James M. Bradburne, Museum Director of the Pinacoteca di Brera and the Biblioteca Nazionale Braidense talked to Where®Milan about the city’s new cultural revolution.
What can you tell us about the ‘Grande Brera’ project?
The idea of a ‘Grande Brera’ was born with Franco Russoli, who used it to express his vision of Brera at the centre of the entire neighbourhood. Russoli’s ‘Grande Brera’ began with San Carpofilo and ended at the Poldi Pezzoli. The expression was later hijacked to describe a megalomaniac project to banish the Accademia from the Palazzo di Brera in order to create new spaces for the other institutions.
What is the strong point of the exhibition at the Pinacoteca and which works should not be missed?
james_bradburneThe strong point derives from Napoleon’s ambition to make Brera ‘the Louvre of Italy’. This means we have a very large selection of masterpieces from throughout northern Italy, including Mantegna, Bellini, Veronese, Tintoretto, Crivelli, Piero della Francesca, Bramante, Raphael and of course, Caravaggio.
What services does your museum offer international visitors?
The new labelling is already bilingual, and we have tours in several European languages. There are activities for families and children and special ‘percorsi’ for the visually impaired. The staff is friendly and trained in English. The new installations are all being prepared at an international standard.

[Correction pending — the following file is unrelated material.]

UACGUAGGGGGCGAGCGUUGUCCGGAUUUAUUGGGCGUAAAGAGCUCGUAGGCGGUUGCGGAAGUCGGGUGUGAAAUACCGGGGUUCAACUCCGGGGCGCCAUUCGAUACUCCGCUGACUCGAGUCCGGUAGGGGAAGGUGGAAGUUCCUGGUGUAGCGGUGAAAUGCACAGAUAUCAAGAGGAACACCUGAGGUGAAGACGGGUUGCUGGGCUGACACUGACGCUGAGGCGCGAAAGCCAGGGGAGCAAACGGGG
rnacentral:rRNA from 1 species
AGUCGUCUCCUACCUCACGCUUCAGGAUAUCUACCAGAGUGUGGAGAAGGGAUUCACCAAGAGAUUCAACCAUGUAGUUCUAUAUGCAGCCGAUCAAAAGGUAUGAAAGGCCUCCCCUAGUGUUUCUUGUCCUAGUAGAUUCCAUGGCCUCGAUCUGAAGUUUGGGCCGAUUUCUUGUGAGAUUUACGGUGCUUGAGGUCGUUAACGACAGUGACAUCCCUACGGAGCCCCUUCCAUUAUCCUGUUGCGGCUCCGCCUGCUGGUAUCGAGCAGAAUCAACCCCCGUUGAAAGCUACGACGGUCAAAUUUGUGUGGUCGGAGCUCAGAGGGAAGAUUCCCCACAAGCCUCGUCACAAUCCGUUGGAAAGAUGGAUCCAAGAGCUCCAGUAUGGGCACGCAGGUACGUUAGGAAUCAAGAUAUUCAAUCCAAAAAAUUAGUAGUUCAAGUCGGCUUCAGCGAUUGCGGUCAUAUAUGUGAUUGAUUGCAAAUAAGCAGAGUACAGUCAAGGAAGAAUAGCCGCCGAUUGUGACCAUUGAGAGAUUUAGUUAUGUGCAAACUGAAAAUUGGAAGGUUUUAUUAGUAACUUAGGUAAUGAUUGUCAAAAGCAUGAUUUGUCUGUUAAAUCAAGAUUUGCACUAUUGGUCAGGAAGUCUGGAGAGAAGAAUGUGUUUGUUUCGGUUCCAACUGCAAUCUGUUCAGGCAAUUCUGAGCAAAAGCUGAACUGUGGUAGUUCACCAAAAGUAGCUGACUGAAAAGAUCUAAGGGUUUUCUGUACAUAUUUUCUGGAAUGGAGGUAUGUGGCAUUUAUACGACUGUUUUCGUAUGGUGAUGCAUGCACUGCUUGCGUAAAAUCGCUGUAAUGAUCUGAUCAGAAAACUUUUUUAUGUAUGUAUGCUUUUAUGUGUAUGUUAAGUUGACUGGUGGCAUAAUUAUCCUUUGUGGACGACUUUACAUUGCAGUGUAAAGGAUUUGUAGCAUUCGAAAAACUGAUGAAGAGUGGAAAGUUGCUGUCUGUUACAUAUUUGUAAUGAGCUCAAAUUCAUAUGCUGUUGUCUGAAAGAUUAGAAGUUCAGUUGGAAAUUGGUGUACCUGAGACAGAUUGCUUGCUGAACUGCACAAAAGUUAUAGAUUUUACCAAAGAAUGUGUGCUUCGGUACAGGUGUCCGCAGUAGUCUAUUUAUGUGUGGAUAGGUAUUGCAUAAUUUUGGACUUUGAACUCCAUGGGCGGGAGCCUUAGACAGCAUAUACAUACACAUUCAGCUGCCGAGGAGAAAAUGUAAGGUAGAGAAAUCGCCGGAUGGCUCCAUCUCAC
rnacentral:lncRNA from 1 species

What struck you most on your arrival in Milan?
Milan is a real city – dynamic, complex and exciting. I was immediately struck by the sense of city pride, and the willingness of the Milanese to support initiatives that serve the city.
What are the next projects in the pipeline?
The most important projects are to enhance the experience of the Palazzo by re-designing the entrance to the Observatory and the Orto Botanico at via Fiori Oscuri 4, and opening a shop in the courtyard that represents all seven institutions, with a space where the young artists of the Accademia can sell their works. The Pinacoteca will reinstall all 38 rooms of its permanent collection, and open an elegant caffè on the loggiato. In 2018, the Palazzo Citterio will open with the Pinacoteca’s extraordinary collections of Italian Modern art – the Jesi collection, the Vitali collection and, for at least two years, the Mattioli collection.
Can you give us 3 reasons why you would recommend a visit to Milan (and naturally Brera)?
Milan is a real city, the country’s capital of design and fashion and the city has some of Italy’s greatest cultural treasures (the Cenacolo, Brera, Castello, Poldi Pezzoli).
Via Brera, 28
M2 (green line) Lanza

External Links: www.pinacotecabrera.org